Earlier this month we reported on significant increases in levels of distress in the consumer supply chain business sector.
This was particularly affecting Industrial Transportation & Logistics businesses, the wholesale sector and the Food & Beverage Manufacturing sector as identified by Begbies Traynor’s Red Flag Alert research for the first three months of 2017.
Among the steps we advised such businesses to take were getting timely restructuring advice, regularly monitoring cashflow to identify opportunities for cutting fixed costs and introducing efficiencies, such as outsourcing transport or automating activities like accounting and invoicing, improving cash flow by introducing more rigorous follow-up on late payments, invoicing as soon as possible and paying close attention to credit control and collaborating with other small suppliers to deal with larger customers in getting them to pay on time.
Another option is to explore opportunities for co-opetition
What is co-opetition and how can it be used?
Co-opetition is when competing businesses are engaged in both competition and co-operation.
They are said to be in co-opetition to gain an advantage by using a careful mixture of co-operation with suppliers, customers and firms producing complementary or related products.
So, in the supply chain example above fruitful areas of co-opetition could be in the areas of cutting fixed costs by outsourcing transport or collaborating with other small suppliers to deal with larger customers in getting them to pay on time.
But there are other benefits to be found in co-opetition as long as businesses are mindful of some simple principles of what could be called moderation in all things, as outlined by V. Frank Asaro, author of A Primal Wisdom: Nature’s Unification of Co-operation and Competition, in an online article for Smart Business.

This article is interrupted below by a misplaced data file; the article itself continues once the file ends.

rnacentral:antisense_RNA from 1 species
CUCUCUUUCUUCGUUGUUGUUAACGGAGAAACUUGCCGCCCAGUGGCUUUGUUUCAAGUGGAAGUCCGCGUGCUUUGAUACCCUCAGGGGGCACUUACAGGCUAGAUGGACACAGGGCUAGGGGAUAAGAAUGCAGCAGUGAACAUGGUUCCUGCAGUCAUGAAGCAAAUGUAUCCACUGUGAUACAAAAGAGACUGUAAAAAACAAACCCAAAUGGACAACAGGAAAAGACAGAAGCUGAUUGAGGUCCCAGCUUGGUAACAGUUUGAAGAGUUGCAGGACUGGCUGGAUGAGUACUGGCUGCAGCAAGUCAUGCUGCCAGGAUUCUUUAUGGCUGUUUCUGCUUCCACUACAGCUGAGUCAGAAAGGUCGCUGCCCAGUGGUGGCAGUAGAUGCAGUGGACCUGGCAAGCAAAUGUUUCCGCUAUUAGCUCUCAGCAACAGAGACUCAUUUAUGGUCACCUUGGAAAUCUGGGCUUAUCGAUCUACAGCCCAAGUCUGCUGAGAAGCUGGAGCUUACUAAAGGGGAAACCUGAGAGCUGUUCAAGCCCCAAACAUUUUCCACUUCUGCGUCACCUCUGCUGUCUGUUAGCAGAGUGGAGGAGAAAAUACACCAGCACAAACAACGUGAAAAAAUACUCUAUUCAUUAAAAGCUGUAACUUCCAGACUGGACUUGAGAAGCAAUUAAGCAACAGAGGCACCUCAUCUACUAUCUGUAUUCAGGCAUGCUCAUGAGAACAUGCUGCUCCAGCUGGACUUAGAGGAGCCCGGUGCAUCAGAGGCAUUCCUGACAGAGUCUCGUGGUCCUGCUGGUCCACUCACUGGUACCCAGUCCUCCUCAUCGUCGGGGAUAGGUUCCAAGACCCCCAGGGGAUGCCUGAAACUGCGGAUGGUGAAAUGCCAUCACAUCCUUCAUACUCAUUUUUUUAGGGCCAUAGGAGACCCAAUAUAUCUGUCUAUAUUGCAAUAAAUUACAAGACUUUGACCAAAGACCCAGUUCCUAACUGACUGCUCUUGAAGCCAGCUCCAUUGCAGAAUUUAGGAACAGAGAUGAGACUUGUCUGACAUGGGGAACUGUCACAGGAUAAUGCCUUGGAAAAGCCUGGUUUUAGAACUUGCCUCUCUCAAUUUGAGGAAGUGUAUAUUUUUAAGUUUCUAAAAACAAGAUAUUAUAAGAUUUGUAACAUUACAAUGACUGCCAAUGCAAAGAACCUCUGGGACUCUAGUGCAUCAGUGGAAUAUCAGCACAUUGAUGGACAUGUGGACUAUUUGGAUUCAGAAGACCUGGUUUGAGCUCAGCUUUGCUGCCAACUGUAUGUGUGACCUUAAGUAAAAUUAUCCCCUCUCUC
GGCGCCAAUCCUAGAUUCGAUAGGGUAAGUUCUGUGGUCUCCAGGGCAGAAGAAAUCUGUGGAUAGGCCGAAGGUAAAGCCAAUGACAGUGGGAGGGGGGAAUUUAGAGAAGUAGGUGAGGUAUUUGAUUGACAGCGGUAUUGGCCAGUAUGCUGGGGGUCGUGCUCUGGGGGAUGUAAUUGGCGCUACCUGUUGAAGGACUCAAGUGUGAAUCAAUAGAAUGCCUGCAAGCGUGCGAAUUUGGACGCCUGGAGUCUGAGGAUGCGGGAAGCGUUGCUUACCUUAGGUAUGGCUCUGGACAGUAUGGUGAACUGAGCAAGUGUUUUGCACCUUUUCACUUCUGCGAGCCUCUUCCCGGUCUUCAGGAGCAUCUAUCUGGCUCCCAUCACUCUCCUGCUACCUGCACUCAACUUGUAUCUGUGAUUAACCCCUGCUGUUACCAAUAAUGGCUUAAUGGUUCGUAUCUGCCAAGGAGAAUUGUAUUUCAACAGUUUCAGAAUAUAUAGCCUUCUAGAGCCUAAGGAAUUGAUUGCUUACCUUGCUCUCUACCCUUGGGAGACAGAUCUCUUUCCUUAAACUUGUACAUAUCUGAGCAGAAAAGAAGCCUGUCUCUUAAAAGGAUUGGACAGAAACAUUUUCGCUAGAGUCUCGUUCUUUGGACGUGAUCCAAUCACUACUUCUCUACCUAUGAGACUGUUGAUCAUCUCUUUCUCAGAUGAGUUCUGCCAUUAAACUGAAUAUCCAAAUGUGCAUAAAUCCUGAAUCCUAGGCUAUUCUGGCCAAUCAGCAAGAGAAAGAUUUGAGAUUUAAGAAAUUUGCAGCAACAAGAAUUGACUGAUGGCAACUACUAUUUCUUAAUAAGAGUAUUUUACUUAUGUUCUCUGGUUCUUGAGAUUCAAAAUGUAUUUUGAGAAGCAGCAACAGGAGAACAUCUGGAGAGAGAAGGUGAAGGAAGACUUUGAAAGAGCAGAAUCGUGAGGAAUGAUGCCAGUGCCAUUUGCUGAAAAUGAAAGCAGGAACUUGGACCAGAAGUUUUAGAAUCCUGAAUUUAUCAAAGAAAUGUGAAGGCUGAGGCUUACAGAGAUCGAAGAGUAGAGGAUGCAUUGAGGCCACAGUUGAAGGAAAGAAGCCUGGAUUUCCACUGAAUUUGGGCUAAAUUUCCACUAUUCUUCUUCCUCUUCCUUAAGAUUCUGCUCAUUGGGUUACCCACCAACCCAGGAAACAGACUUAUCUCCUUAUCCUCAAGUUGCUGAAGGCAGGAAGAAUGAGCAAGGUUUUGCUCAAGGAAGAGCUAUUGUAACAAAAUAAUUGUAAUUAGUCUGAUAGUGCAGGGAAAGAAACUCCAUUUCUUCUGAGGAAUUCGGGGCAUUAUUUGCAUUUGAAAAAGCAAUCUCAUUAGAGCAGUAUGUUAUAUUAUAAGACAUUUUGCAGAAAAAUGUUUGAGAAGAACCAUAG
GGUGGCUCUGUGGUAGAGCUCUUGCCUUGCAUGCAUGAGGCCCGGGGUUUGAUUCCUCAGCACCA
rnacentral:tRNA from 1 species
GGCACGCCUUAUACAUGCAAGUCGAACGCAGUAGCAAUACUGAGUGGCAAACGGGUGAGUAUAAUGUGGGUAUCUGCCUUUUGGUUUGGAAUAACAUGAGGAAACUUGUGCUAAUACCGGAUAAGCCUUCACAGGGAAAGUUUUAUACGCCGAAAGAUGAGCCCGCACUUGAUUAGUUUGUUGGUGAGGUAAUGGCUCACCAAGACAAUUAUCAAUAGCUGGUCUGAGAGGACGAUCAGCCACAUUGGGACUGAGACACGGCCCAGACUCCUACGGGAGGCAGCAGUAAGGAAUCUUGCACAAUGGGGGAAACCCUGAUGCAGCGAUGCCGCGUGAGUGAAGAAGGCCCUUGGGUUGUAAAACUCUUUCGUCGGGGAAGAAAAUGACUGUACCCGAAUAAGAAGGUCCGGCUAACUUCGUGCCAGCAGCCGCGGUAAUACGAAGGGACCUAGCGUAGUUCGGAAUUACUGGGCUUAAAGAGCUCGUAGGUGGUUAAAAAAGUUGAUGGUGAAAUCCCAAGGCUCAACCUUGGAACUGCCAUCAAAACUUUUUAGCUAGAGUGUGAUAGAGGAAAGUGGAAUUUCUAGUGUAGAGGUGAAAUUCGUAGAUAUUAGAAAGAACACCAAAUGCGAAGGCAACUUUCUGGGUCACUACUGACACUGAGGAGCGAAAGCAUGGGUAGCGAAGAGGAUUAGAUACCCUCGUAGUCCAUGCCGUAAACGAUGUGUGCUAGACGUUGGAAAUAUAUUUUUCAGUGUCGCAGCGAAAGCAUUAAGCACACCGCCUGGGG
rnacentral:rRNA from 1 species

They include not being too greedy, not burning bridges by being over-competitive, never becoming complacent and keeping the balance between co-operation and competition ethical.
The idea is to use complementary strengths to fashion a situation that allows competitors to benefit from working together which in turn can lead to each party thriving and growing their own business.
An example quoted in an article in the Harvard Business Review illustrates this. LinkedIn relies on recruiters to use its platform but, as it says: “while each group would surely like a greater percentage of the recruitment pie for themselves, the pie as a whole is larger because of the involvement of both”.
Another area is marketing where apparently competing businesses have their own USP or target market that allows for joint funding of promotion and lead generation initiatives.
Examples might be logistics companies offering different solutions or supplying different routes; or food businesses with different product ranges being sold to the same customers.
Co-opetition, used effectively, can identify not only cost savings but also growth opportunities for those taking part.